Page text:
RETRO: The Duran Duran Board Game Has An Absurd Amount of Gameplay
At least more than the Backstreet Boys board game or the New Kids On The Block board game ever did. Which isn’t saying much.
For all you kids out there, back in the 80’s there was this band called Duran Duran. You’ve probably heard their biggest hit, Hungry Like The Wolf, which is about Darwinist natural selection in nature.
If you know what I mean….
They were even more popular than Billie Eilish and Lil Nas X combined! ….But with about just as many singles. And since Twitter and Instagram didn’t exist back then, the only way celebrities had to communicate with us lesser folk was through licensed board games by Milton Bradley.
With Hungry Like the Wolf and Rio both still topping the charts, our best buddy Milt set out in 1985 to give Duran Duran a real audience; one of kids ages 7+.
Duran Duran: Into The Arena is a competitive dice rolling and set collecting game. The goal of all players is to have the most points when the end game trigger occurs. Points are gained through collecting singles, video cards and band members. The game ends once a player has collected all of the band members.
The game consists of 2 phases. In the first phase, players are rolling dice and moving around the outer ring of the board, collecting singles.
Landing on a + allows you to pick up a singles disc, which hopefully matches one of the singles in your hand. If it does, you collect the music video card! Once you collect 5 music video cards you gain access to the inner circle where you’ll collect, choose and play band members to maximize your point total! Baffled yet?! You should be!
Let’s try this again. During setup, each player gets 5 singles tokens of the 12 available. Didn’t realize Duran Duran had 12 singles, but that’s neither here nor there. If a player lands on the + in front of a single that matches one in their hand, they may collect it and the accompanying music video card. Once a player turns all 5 of their singles into music videos, they may move to the inner circle by landing on a Wild space, which allows you to move anywhere on the board.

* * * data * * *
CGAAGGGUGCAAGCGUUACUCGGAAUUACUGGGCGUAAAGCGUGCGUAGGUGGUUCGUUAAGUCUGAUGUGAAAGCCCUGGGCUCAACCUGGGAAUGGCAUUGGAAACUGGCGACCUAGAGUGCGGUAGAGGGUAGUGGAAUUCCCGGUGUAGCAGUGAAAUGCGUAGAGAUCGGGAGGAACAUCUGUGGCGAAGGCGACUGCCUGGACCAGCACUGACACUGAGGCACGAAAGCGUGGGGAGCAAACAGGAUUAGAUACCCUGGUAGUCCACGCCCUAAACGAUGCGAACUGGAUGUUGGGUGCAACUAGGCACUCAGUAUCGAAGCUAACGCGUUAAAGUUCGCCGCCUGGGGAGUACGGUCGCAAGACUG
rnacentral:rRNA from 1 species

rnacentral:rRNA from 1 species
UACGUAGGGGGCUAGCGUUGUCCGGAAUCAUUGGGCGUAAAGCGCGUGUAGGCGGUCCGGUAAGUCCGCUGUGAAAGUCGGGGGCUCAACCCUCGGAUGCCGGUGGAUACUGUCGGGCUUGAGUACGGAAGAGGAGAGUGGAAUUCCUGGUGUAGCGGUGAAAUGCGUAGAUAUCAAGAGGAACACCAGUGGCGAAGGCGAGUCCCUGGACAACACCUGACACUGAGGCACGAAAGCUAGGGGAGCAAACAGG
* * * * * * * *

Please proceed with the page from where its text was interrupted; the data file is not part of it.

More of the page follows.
In the inner circle, gameplay is mostly the same but with a different goal. Players are trying to collect band members, finding the ones with the highest points values and play them to gain those points.
Similarly, landing on a ┬ space allows a player to draw that band member. If they like the point value for that member, they’ll aim to land on Play, which allows them to play that band member and gain the listed number of points. Once a player plays all 5 band members, the game ends. Whichever player has the most points wins! Doesn’t actually matter who ended the game.
This is just so many steps! For what should be a simple, licensed roll-to-move from MB really turned into kind of a slog. Plus the board is littered with special spaces which allow you to move again, steal from your opponent and cause you to drop your Singles.
Overall, it’s a fine game for an 80’s kid but considering it’s listed for ages 7 and up, I think it might be too clunky.
If you’re a fan of Duran Duran, this could be a great addition if only as a novelty.
Thanks for reading!
Remember: There are only fans of Duran Duran and liars.